Though a small nation, Jamaica is rich in culture and has a strong global presence. The musical genres reggae, ska, mento, rocksteady, dub, and, more recently, dancehall and ragga all originated in the island's vibrant, popular urban recording industry. Jamaica also played an important role in the development of punk rock, through reggae and ska. Reggae has also influenced American rap music, as they both share their roots as rhythmic, African styles of music. Some rappers, such as The Notorious B.I.G. and Heavy D, are of Jamaican descent. Internationally known reggae musician Bob Marley was born in Jamaica and is very respected there.

Many other internationally known artists were born in Jamaica including Lee "Scratch" Perry, Peter Tosh, Bunny Wailer, Big Youth, Jimmy Cliff, Dennis Brown, Desmond Dekker, Beres Hammond, Beenie Man, Shaggy, Grace Jones, Shabba Ranks, Super Cat, Buju Banton, Sean Paul, I Wayne, Bounty Killer and many others. Famous band artist groups that came from Jamaica include Black Uhuru, Third World Band, Inner Circle, Chalice Reggae Band, Culture, Fab Five and Morgan Heritage. The genre jungle emerged from London's Jamaican diaspora. The birth of hip-hop in New York City, New York also owed much to the city's Jamaican community.

The Rastafari movement was founded in Jamaica. This Back to Africa movement believes that Haile Selassie of Ethiopia was God incarnate, the returned black messiah, come to take the lost Twelve Tribes of Israel back to live with him in Holy Mount Zion in a world of perfect peace, love and harmony. Bob Marley, a convert to the faith, spread the message of Rastafari to the world. There are now estimated to be more than a million Rastafarians throughout the world. Cannabis was most likely introduced to Jamaica by the Bantus and Bushmen of West Africa who referred to it as "Dagga" or "bengue" during the Atlantic slave trade. Originally At the start of a native "smoke-in" session, a certain amount of water was poured into the horn, one would then suck smoke from the horn that was drawn through the water and inhaled quickly a few times and then exhaled. The process continued until the fumes of the dagga produced a kind of intoxication or delirium and the devotee commenced to recite or sing, with great rapidity and vehemence, the praises of himself or his chief during the intervals of coughing or smoking. The practice of smoking marijuana for spiritual purpose was an easy adoptation for the Rastafarians because it was already entrenched in parts of the African culture from the time of slavery. The practice of smoking marijuana throughout Jamaica was popularized as a direct result of the Rastafarians' use of it for medatation purposes. The popularity of the Rastafarian movement out of Jamaica through music helped increase the use of marijuana worldwide as it was promoted as "the weed of wisdom", said to be found on Solomon's grave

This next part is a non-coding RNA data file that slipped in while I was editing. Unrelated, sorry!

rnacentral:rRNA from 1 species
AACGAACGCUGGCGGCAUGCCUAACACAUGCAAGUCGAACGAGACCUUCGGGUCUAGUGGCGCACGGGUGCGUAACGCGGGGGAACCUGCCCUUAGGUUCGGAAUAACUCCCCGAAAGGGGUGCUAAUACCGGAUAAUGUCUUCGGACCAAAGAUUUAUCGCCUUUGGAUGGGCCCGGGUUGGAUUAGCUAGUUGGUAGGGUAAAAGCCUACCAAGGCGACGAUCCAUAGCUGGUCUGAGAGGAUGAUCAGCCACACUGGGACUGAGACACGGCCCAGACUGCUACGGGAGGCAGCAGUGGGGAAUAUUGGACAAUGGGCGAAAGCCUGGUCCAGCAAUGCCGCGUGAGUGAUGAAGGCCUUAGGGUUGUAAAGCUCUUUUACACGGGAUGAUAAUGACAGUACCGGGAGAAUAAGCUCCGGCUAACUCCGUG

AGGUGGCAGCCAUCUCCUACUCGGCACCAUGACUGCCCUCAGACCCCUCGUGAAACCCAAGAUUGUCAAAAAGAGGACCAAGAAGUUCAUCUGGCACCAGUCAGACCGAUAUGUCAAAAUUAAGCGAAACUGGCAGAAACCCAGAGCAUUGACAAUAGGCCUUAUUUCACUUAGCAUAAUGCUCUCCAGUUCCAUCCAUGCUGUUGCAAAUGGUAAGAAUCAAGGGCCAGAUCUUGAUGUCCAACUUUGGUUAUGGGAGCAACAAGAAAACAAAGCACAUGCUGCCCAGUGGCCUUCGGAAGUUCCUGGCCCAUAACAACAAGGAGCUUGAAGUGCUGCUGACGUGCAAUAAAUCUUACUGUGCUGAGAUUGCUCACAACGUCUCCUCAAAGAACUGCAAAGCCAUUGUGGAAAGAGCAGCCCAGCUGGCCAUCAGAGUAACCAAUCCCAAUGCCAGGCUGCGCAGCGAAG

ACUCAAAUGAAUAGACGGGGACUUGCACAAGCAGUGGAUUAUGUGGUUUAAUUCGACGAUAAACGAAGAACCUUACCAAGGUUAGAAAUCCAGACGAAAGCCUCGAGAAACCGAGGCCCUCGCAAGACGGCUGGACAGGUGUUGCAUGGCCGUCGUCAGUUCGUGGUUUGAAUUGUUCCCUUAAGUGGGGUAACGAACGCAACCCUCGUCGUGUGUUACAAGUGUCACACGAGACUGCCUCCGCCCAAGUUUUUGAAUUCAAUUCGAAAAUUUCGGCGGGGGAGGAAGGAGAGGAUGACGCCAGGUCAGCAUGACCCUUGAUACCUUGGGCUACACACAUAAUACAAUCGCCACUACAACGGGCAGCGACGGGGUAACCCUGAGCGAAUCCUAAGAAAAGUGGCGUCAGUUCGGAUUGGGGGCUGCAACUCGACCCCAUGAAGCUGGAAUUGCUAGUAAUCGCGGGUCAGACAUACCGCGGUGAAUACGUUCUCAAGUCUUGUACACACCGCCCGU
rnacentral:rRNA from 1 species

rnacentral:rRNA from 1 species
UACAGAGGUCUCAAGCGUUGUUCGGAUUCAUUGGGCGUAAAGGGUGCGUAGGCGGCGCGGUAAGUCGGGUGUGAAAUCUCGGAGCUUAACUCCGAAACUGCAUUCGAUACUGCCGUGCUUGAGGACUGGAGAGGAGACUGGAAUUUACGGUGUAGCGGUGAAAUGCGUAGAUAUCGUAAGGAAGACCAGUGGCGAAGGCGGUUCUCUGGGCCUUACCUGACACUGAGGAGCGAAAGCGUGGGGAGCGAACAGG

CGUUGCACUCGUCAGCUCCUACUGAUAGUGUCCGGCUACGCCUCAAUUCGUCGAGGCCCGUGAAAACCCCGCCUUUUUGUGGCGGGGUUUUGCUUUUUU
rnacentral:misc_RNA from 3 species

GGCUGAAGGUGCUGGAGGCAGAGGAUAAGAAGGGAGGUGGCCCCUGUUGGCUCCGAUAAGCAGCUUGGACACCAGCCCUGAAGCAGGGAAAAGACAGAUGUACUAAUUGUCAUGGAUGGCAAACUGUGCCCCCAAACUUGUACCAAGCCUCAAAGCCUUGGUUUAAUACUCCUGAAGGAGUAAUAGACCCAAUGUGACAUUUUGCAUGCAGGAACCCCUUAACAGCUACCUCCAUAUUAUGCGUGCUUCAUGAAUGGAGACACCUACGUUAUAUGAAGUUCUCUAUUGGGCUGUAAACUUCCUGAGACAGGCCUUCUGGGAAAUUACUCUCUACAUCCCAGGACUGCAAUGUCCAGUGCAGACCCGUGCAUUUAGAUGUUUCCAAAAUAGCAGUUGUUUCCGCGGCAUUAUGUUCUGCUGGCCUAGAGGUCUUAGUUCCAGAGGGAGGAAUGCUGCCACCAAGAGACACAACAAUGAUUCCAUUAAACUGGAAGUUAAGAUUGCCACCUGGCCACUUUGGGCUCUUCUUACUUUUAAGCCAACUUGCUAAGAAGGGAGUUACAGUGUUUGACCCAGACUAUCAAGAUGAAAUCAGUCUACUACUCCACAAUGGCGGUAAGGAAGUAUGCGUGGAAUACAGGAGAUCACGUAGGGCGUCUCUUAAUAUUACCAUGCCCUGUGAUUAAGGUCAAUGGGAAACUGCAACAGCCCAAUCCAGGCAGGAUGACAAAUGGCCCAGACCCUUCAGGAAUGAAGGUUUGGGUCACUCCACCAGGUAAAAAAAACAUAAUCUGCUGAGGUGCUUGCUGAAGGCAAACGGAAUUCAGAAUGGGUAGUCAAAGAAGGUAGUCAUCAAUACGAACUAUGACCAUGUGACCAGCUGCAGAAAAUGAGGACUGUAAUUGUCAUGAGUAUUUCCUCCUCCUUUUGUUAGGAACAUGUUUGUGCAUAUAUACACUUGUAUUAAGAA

Ian Fleming, who lived in Jamaica, repeatedly used the island as a setting in the James Bond novels, including Live and Let Die, Doctor No, For Your Eyes Only, The Man with the Golden Gun and Octopussy. In addition, James Bond uses a Jamaica-based cover in Casino Royale. So far, the only James Bond film adaption to have been set in Jamaica is Doctor No. Filming for the fictional island of San Monique in Live and Let Die, however, took place in Jamaica.

Journalist and author H. G. de Lisser (1878-1944) used his native country as the setting for his many novels. Born at Falmouth, de Lisser worked as a reporter for the Jamaica Times at a young age and in 1920 began publishing the magazine Planters' Punch. The White Witch of Rosehall is one of his better known novels. He was named Honorary President of the Jamaican Press Association, and worked throughout his professional career to promote the Jamaican sugar industry.

The American film Cocktail, starring Tom Cruise, is one of the most popular films to depict Jamaica. A look at delinquent youth in Jamaica is presented in the 1970s musical crime film The Harder They Come, starring Jimmy Cliff as a frustrated (and psychopathic) reggae musician who descends into a murderous crime spree. Another popular Jamaican-based film is the 1993 comedy Cool Runnings which is loosely based on the true story of Jamaica's first bobsled team trying to make it in the Winter Olympics.

Errol Flynn lived with his third wife Patrice Wymore in Port Antonio in the 1950s. He was responsible for developing tourism to this area, popularising raft trips down rivers on bamboo rafts.

The island is famous for its Jamaican jerk spice which forms a popular part of Jamaican cuisine. Jamaica is also home to the world-renowned Red Stripe beer and Jamaican Blue Mountain Coffee.